The Foss Institute, whose motto is “Patriotism Matters,” created a civics institute to promote the test to state legislatures as a way to increase knowledge of basic government by students.

“It’s genesis is basically an extension of our original mission in trying to ensure the delivery the very basics civics education that every high school graduate should have,” said institute president Frank Riggs, a former California congressman who ran for Arizona governor as a Republican last year.

Joe Foss is a former South Dakota governor and won the Medal of Honor during World War II. He died in 2003.

Both the Arizona House and Senate quickly passed the bill on just the fourth day of the legislative session, and the newly elected Republican governor, Doug Ducey, is expected to sign it Thursday evening.

The North Dakota House of Representatives overwhelming approved the same measure Thursday, but Arizona’s proposal was the first to pass a full Legislature.

The Arizona bill requires students to correctly answer 60 of 100 questions on the test. Passage would be required to earn a high school or GED diploma starting in the 2016-2017 school year.

Ducey called on the Legislature to make the civics test the first bill to hit his desk as governor. He said studies show that students don’t know enough about basic government to grow into effective citizens.

“These are our children, and not long from now, it will be for them to vote on who sits in your chairs and who stands at this podium,” Ducey said in his State of the State address Monday. “How can we expect them to protect the principles on which this country was founded, if we are not preparing them for that task right now?”

Former U.S. Supreme Court Justice Sandra Day O’Connor, an Arizona native, has supported the initiative. She’s made civics education a prime focus in recent years.

“We’re failing to impart the basic knowledge young people need to know to be effective citizens,” O’Connor said at an event in New Hampshire in September. “In too many schools, the subject of civics is considered an elective or peripheral subject.”

Republican Arizona Senate Majority Leader Steve Yarbrough, sponsoring the bill in his chamber, called the test a needed measure.

“Requiring that students pass this test is not by any means a silver bullet, but I think is a step, a small step forward,” he said. “And I think we need to encourage the people of America to become more aware of the values of America.”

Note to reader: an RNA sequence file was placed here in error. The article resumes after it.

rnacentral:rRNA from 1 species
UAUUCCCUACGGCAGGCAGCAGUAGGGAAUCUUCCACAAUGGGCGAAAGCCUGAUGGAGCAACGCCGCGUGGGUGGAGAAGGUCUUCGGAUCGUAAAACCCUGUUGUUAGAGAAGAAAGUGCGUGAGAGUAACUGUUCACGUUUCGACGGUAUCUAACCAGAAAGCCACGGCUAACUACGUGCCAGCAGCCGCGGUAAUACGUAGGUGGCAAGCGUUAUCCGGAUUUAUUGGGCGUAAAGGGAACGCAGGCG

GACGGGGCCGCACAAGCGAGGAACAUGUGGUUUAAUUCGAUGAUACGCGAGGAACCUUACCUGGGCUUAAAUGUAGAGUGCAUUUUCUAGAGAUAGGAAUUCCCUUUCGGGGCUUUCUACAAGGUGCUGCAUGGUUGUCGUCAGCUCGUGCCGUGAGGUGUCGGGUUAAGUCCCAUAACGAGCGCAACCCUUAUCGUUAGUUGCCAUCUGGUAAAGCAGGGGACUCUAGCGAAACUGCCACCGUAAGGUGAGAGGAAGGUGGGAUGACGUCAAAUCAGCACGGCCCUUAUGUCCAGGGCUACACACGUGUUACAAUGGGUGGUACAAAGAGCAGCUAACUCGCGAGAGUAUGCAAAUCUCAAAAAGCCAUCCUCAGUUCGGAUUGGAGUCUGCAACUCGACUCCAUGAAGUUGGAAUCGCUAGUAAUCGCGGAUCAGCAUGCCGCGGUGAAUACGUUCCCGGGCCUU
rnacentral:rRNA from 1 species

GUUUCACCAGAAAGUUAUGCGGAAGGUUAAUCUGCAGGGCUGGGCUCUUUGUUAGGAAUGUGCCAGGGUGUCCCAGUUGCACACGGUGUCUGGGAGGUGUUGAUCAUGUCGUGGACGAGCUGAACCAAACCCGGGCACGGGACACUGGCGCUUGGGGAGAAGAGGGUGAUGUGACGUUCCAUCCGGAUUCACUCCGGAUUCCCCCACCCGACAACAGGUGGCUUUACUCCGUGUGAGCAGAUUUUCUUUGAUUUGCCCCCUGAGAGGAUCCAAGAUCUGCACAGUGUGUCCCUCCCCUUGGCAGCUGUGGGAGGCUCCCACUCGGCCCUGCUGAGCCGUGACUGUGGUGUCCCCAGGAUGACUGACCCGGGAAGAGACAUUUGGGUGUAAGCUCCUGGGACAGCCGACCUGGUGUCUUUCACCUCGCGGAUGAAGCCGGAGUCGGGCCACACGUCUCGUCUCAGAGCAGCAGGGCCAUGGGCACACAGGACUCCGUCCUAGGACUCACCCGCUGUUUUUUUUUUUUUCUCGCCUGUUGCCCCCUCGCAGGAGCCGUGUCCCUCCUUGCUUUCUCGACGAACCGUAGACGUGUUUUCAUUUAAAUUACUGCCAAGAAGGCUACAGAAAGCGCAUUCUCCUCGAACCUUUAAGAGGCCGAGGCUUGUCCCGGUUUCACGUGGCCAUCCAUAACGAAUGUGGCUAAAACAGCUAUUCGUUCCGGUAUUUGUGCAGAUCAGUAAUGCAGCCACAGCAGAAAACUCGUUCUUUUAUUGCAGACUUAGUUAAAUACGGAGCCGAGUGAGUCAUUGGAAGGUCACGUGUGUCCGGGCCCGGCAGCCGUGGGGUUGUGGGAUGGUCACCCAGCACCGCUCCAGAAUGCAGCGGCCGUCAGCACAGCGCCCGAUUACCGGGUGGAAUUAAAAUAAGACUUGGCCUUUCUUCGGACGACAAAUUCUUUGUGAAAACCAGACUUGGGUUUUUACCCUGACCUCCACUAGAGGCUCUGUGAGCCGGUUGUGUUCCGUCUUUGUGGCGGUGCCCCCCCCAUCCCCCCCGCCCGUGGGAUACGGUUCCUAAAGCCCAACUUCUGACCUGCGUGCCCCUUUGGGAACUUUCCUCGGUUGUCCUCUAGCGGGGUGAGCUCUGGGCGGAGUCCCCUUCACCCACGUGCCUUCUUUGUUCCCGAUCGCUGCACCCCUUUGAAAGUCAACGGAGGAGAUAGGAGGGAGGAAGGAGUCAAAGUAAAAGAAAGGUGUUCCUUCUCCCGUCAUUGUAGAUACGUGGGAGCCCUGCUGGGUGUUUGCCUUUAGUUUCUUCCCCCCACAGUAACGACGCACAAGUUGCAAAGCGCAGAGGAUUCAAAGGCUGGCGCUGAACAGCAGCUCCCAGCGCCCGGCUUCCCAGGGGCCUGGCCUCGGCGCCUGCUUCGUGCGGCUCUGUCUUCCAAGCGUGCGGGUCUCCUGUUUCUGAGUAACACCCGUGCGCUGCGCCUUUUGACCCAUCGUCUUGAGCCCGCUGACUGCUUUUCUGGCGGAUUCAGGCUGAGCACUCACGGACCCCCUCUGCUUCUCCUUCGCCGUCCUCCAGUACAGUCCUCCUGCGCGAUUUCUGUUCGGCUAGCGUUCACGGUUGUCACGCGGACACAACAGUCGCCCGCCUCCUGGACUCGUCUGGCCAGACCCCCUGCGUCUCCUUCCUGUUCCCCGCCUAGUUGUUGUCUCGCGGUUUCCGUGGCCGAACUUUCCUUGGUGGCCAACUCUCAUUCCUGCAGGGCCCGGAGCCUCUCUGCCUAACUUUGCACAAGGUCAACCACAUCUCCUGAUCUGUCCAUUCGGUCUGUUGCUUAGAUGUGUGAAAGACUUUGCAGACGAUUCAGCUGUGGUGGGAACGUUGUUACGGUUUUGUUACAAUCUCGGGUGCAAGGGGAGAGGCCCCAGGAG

A Democratic senator who opposed the bill, David Bradley, said passing the test would do nothing to make good citizens.

“Don’t be fooled into thinking that this does it, that this solves some bigger problem, because it doesn’t,” Bradley said on the Senate floor. “My point now is tests don’t make citizens, citizens are tested by their actions.”

Bradley also said that “this is not the end-all be-all to citizenship and it doesn’t get us any further down the road.”

A high school government teacher, Joe Thomas of Mesa, said he was concerned that having students take a 100-question test would take up an entire class period and is not an effective way of getting students engaged in civics. He said the test is will require rote memorization rather than something that promotes critical thinking.

“The interest is promoting civics and we want to see students engaged,” Thomas said. “I don’t know if a test engages students.”

TIME Courts

Parents File $100 Million Lawsuit in Son’s Gym-Mat Death

Jacqueline Johnson (left) and her husband Kenneth (right) participate in a rally on behalf of their dead son Kendrick Johnson at the Georgia State Capitol in Atlanta on Dec. 11, 2013.
Jacqueline Johnson (left) and her husband Kenneth (right) participate in a rally on behalf of their dead son Kendrick Johnson at the Georgia State Capitol in Atlanta on Dec. 11, 2013. Erik S. Lesser—epa/Corbis

Kendrick Johnson was found lifeless in a rolled up mat two years ago

The parents of Kendrick Johnson, the Georgia teenager whose lifeless body was mysteriously found rolled up in a wrestling mat at his high school two years ago, have filed a $100 million lawsuit against 38 people —including local, state and federal law enforcement officials and three classmates.

Kendrick, 17, a member of the wrestling team at Lowndes High School in Valdosta, in southern Georgia, was found upside down in the rolled-up mat on Jan. 11, 2013, when other students climbed on a 6-foot-tall stack of the stored mats.

In a civil suit filed Monday in Superior Court in DeKalb County, in metro Atlanta…